A British politician known for filibustering in parliament has put a series of tough questions to chancellor Rishi Sunak over continued delays to the Financial Conduct Authority’s crypto register.
Philip Davies, Conservative member of Parliament (MP) for Shipley, West Yorkshire, put 16 questions to Sunak in writing on May 24 — almost all of them concerning the handling of the registration process for crypto firms and the impact it has had on the United Kingdom's reputation as a hub for financial innovation. All of the questions are due to be answered by May 26.
In one question, he asked what assessment the chancellor has made of the impact of the delays for crypto businesses on the U.K.'s international competitiveness.
This is not the first time the filibustering MP has represented the views of the crypto industry. He staged a similar cameo in December 2019, when the regulator was considering banning the sale of crypto derivatives to retail investors (a move it ultimately went ahead with).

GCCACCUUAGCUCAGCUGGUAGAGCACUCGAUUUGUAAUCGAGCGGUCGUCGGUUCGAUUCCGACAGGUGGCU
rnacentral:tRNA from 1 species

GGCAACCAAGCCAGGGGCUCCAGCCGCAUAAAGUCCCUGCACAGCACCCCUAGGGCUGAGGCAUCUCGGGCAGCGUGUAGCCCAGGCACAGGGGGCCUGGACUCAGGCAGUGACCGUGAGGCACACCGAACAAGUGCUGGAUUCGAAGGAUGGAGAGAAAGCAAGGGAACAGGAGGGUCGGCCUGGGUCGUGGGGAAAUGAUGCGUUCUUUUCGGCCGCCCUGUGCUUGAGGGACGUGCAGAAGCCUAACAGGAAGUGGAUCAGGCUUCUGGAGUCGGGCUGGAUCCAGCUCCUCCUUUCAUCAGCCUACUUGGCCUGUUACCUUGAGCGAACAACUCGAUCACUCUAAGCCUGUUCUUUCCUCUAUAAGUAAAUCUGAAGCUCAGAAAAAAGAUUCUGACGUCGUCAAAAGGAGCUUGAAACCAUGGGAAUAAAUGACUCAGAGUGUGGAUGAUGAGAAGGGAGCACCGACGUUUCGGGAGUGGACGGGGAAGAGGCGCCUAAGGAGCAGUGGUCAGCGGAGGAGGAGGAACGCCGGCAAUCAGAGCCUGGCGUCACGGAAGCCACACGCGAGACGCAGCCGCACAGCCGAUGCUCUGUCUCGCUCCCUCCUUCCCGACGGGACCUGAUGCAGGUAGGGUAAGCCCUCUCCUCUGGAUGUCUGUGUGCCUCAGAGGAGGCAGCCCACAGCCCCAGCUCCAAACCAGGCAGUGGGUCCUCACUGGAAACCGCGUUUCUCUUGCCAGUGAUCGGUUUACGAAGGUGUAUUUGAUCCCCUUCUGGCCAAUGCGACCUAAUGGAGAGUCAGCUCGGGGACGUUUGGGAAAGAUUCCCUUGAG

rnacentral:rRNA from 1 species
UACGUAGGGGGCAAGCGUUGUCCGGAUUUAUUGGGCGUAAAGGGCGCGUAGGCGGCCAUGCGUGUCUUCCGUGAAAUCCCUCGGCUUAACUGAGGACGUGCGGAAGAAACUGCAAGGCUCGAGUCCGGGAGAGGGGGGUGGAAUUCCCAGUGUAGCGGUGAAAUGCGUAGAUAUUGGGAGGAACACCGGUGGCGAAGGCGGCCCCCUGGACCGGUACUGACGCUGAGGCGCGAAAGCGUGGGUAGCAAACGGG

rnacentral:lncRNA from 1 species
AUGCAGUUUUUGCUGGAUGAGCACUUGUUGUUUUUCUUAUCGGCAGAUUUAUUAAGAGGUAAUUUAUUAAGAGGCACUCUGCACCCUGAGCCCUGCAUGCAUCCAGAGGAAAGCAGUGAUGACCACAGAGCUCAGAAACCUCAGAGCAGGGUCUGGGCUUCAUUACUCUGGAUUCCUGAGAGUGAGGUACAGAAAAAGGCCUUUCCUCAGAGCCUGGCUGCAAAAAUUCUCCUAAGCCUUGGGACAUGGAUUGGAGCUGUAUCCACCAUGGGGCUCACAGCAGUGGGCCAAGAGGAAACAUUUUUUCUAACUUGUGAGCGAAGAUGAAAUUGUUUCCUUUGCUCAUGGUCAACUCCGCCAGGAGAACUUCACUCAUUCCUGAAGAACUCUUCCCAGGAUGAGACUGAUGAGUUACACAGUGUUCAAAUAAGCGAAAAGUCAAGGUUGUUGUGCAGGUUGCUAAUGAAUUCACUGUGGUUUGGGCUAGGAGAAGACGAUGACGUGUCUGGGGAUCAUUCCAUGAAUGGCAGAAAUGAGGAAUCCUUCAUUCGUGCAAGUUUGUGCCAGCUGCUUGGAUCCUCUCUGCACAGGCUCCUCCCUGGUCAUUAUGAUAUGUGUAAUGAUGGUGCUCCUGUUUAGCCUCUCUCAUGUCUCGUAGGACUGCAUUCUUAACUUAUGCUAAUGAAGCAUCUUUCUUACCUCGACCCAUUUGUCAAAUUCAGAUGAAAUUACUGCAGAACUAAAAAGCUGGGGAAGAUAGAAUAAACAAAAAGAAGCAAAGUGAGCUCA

The Block checked the register of MPs’ financial interests and, as of April 26, could find no crypto-related shareholdings connected to Davies.
Calls for Treasury to step in grow louder
The FCA’s crypto-assets register was announced after the FCA took over as the anti-money laundering and counter terrorist financing supervisor for crypto startups in early 2020. Firms in the sector were originally told they had until January 10, 2021 to get registered or cease trading, but in December the FCA established a temporary regime for some 90 firms, extending their deadline to July 9, after struggling to deal with hundreds of applications.
As of today, there are still just four companies on the crypto-asset register.
The watchdog's inaction has already led to interventions from CryptoUK, the lobby group, which called for help from Sunak in March. Last week, conservative MP Tom Tugendhat for Tonbridge and Malling called on the Treasury to create a “safe space” for crypto innovation in the United Kingdom.
“The FCA is in a tough spot – damned if they do and damned if they don’t,” said one source close to the regulator. “Staff on the front line are pro-crypto, however senior management only see the illicit narrative.”
Davies' office was contacted for comment but did not respond by press time.
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